Before we talk about “customer service,” we must first define who a customer is.
Who is a Customer?
Agile individuals, agile organizations define their customer as anyone who depends on your work to do theirs. This may be an external customer, an internal customer, or your teammate in the next office. Anyone who depends on your work to do theirs is your customer.
This is deeper than it may initially appear. For example, if you are someone with subordinates (e.g., foreman, supervisor, manager, director, etc.), who are your customers — your personal customers, not your organization’s customers?
For example, if you are the manager of the production department that manufactures widgets, your customer is not the companies or people who buy the widgets. The companies and people that buy the widgets that your department manufactures are your department’s customers. You may indirectly affect the physical product; however, unless you, as a manager, actually, physically, lay hands on product, you have no direct effect on the quality of the product.
Agile Customer Service
With that definition of “customer” in mind, customer service, then, is not giving your customer whatever they want, however they want it, whenever they want it. That is indentured servitude.
We define agile customer service to be comprised of the following behaviors:
- Listening — with the intent to understand.
- Civility — treating others with civility, even when they may not be treating you in this manner.
- Keeping your promise — honoring your commitments.
- Managing expectations — a missed expectation has the same effect as a broken promise.
- Not being duplicitous — not bad-mouthing someone behind their backs while sweet-talking them to their face.
- Humility — apologizing if you blow any of the above.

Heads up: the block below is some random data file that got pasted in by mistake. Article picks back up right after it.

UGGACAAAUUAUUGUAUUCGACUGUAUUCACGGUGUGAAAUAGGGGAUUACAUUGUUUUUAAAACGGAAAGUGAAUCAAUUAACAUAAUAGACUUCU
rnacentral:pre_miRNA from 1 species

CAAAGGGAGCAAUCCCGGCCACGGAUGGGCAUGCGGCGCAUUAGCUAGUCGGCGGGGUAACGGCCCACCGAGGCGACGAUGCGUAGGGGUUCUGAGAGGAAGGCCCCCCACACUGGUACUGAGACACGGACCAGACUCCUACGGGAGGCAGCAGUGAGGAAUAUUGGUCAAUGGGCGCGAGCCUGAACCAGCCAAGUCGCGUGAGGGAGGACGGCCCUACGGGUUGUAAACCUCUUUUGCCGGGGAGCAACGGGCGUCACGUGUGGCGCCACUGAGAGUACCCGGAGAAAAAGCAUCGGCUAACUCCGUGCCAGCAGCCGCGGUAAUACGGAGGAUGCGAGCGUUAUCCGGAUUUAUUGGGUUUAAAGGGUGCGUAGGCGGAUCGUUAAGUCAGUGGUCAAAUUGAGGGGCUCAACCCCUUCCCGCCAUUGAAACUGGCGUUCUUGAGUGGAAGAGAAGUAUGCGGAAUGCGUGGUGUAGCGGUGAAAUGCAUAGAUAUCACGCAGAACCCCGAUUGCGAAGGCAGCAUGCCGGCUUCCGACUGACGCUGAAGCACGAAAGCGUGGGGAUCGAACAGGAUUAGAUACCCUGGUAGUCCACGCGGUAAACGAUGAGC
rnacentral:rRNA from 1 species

Hopefully it is clear how these behaviors apply to an external customer, but they necessarily also apply to internal customers. For example, if you are in a management position, your staff members are your customers. And just like any other customer they can be the beneficiary of awesome customer service, or the victims of Twitter-worthy customer abuse. When one of your staff submits a new idea and proposal for your review and comment, and it sits in your inbox for days, or weeks, or months without attention, then that staff member was the victim of customer abuse.
You may recognize these six behaviors comprising good customer service from Stephen R. Covey’s, “The 7 Habits of Highly Effective People,” and you would be right. They are the six ways of making “deposits” in what Covey calls the “emotional bank account” — his metaphor for your level of trustworthiness. Conversely, the opposite behaviors — such as breaking a promise — represent a withdrawal from the emotional bank account. Over time, your emotional bank account with another person —another person’s trust in you — will either build up a positive balance or become overdrawn.
Are you interested in cultivating a more agile-driven approach to customer service in your organization and its management team?